God’s gift was given to us wholly and unconditionally. I do not have one part while you have another. Part of it was not held back for later extension. Love is. In this simple fact, all our seeking and yearning ends, and salvation is accomplished.
We do not experience God’s gift that way! We could, but we don’t. It is as if we have been set gently down in Heaven’s field and fall to the ground, bury our face in the mud, and complain that it’s dark and we can’t see and we can’t breathe.
If we would simply stand and shrug off our insistence that Heaven be other than it is – if we could set our decisions about Heaven and God aside and simple let them be – then quite literally all conflict and anguish and guilt and fear and hatred would be washed away, like salt dropped in the sea.
But instead we project God outside of us, and make him vindictive and angry, and we parse the world into myriad others who have things we want that we’re going to have to take by force or subterfuge, before they get to us, and if we’re lucky we might scrape a few moments of meager happiness together before the final iron curtain drops like a hammer on our heads. . . .
The whole time that we spin this dark and broken fantasy, the holy light of Christ shines and shines within – peaceful, beautiful and entirely for us.
How can we undo our resistance and projection in order to experience more fully – even here – the given Love that is God?
In truth, the closer we come to that Love in dreams, the closer we are to the real world in which God’s Presence is both unmitigated and unmediated.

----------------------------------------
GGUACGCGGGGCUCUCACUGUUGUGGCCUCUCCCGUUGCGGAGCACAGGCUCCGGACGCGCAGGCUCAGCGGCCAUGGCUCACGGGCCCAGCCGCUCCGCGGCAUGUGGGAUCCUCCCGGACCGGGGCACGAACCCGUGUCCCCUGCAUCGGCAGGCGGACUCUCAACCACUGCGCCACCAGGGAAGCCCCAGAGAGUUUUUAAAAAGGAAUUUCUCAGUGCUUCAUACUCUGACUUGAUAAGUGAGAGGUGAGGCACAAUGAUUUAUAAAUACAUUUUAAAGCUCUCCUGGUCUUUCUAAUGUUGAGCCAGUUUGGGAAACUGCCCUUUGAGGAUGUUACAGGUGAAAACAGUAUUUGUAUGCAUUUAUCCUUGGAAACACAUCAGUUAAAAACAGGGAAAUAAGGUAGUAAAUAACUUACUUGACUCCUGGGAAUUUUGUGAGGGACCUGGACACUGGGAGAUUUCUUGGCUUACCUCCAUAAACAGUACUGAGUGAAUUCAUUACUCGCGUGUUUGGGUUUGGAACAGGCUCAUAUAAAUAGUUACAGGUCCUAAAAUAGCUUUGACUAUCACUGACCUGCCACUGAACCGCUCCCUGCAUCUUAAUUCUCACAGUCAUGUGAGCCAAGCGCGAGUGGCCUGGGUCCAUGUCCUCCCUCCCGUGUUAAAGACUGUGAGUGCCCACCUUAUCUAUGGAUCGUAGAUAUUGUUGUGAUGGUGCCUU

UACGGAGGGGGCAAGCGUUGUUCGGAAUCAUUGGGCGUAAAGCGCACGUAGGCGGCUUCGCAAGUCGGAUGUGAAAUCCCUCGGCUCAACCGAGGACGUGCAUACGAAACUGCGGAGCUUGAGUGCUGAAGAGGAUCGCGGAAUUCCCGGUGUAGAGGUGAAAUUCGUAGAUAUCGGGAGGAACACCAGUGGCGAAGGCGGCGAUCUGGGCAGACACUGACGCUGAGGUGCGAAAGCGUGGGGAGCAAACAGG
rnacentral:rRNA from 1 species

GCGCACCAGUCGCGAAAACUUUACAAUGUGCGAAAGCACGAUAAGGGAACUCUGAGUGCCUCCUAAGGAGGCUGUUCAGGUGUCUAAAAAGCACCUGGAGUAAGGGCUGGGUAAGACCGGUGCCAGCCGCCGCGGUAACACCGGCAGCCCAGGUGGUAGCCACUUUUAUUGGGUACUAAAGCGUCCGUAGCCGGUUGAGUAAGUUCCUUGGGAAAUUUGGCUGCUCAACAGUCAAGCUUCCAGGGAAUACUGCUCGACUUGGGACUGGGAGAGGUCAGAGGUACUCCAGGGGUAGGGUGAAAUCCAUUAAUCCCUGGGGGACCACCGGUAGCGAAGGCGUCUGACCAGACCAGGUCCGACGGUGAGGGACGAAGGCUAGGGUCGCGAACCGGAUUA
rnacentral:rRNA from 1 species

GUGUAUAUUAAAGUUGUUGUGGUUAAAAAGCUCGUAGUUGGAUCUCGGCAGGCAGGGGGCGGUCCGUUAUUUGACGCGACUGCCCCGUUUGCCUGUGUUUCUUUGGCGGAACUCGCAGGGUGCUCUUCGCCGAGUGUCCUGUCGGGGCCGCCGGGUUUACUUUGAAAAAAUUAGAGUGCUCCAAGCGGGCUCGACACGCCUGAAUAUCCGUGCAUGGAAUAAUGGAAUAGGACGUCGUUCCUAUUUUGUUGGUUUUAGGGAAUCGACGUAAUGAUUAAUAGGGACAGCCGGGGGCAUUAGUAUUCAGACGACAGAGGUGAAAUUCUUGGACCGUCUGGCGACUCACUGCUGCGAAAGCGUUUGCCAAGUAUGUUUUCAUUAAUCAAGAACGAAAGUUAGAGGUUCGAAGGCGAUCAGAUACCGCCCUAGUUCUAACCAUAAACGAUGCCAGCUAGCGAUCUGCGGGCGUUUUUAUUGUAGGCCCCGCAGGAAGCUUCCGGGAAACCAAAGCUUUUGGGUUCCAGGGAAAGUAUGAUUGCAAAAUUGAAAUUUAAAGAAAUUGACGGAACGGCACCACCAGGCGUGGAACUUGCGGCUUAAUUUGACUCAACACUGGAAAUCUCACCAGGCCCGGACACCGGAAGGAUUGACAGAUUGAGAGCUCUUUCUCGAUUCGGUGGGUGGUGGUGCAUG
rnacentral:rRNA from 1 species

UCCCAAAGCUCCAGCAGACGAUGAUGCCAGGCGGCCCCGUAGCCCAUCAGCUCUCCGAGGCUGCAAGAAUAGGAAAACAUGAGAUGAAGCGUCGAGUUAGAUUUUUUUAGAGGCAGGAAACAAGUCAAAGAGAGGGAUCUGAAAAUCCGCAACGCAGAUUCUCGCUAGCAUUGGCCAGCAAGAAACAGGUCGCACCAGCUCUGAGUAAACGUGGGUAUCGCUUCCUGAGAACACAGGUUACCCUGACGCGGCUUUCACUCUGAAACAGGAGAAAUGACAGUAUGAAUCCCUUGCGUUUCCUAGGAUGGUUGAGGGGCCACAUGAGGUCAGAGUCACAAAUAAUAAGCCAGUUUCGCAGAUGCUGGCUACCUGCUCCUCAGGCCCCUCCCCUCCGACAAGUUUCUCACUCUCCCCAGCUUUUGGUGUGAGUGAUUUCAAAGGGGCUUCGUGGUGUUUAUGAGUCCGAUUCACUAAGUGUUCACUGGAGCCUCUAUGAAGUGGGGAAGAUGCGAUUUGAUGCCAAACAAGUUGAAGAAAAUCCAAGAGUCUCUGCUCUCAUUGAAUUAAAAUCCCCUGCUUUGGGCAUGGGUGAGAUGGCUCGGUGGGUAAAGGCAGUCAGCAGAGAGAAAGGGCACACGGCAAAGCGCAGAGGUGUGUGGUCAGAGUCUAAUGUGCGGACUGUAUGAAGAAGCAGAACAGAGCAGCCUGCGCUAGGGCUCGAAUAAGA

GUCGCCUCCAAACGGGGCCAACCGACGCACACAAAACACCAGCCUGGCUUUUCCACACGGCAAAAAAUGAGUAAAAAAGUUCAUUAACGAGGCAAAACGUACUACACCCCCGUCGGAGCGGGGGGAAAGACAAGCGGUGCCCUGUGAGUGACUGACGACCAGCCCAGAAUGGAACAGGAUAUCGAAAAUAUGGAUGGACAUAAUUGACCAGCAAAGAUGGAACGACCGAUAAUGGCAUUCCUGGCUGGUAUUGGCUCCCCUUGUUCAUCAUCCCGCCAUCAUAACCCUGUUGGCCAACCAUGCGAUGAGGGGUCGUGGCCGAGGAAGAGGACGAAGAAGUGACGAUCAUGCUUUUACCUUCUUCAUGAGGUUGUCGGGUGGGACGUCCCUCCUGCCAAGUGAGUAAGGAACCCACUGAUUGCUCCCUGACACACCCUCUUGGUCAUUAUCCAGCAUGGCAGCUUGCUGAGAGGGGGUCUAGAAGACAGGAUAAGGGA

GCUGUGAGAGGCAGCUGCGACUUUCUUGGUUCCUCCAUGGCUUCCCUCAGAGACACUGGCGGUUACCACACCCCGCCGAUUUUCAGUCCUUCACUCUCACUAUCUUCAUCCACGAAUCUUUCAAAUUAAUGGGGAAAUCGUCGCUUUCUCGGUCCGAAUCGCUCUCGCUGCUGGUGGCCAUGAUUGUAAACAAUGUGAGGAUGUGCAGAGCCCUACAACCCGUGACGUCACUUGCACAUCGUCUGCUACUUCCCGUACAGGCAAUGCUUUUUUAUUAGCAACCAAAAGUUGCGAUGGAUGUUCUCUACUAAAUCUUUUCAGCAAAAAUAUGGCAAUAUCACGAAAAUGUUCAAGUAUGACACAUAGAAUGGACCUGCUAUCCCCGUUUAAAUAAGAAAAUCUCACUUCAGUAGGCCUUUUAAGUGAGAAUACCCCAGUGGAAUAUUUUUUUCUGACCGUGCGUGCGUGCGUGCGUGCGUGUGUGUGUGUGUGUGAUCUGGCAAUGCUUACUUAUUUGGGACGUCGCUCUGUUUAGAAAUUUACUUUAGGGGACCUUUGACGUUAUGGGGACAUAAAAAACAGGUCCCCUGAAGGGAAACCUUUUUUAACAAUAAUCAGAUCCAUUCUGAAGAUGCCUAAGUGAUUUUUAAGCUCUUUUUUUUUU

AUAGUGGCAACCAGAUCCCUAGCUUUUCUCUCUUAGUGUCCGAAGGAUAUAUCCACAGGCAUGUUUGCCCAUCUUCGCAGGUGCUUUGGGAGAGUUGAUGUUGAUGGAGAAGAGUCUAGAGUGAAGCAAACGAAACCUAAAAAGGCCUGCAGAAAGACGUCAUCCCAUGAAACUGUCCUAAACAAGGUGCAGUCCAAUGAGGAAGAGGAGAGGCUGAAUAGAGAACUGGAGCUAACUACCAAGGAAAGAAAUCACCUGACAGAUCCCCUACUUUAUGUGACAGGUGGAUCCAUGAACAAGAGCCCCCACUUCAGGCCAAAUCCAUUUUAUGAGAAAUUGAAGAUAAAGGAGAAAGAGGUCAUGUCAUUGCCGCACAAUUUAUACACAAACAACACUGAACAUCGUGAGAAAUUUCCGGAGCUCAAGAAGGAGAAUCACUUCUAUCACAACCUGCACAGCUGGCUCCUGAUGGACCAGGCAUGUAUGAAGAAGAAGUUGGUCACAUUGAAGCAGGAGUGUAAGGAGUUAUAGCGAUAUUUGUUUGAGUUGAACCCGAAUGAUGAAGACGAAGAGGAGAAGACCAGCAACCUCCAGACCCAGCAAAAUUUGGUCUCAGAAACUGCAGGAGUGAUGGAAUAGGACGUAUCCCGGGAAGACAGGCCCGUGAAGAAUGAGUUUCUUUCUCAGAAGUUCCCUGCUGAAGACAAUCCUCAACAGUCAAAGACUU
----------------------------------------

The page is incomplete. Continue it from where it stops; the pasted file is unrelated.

The real world is the state of mind in which the only purpose of the world is seen to be forgiveness . . . No rules are idly set, and no demands are made of anyone or anything to twist and fit into the dream of fear. Instead, there is the wish to understand all things created as they really are. And it is recognized that all things must be first forgiven, and then understood (T-30.V.1:1, 4-6).
The seventh principle of miracles is not a bad place to start.
Miracles are everyone’s right, but purification is necessary first (T-1.I.7:1).
The first time I read this principle I literally swore at it. I encouraged it to go perform a certain sexual act with itself.
I really really didn’t like the “p” word. Purification reminded me of everything I hated about Christianity, most of which could be summed up as: “you’re not good enough.”
On the other hand, the more I practice the Course the more I appreciate its essential benevolence. Often, the sections to which I am most deeply resistant are the ones I need to read most closely. We all have a lot to learn. The sooner we accept that, the better.
Eventually I got around to asking: what does A Course in Miracles mean by purification? In what helpful way can purity be a precondition to miracles? On what grounds can God justify postponing miracles while we purify ourselves – whatever that means?
If we say – as I do from time to time – that we are already perfect, and that what is perfect cannot be improved upon, then in what way or ways are we impure?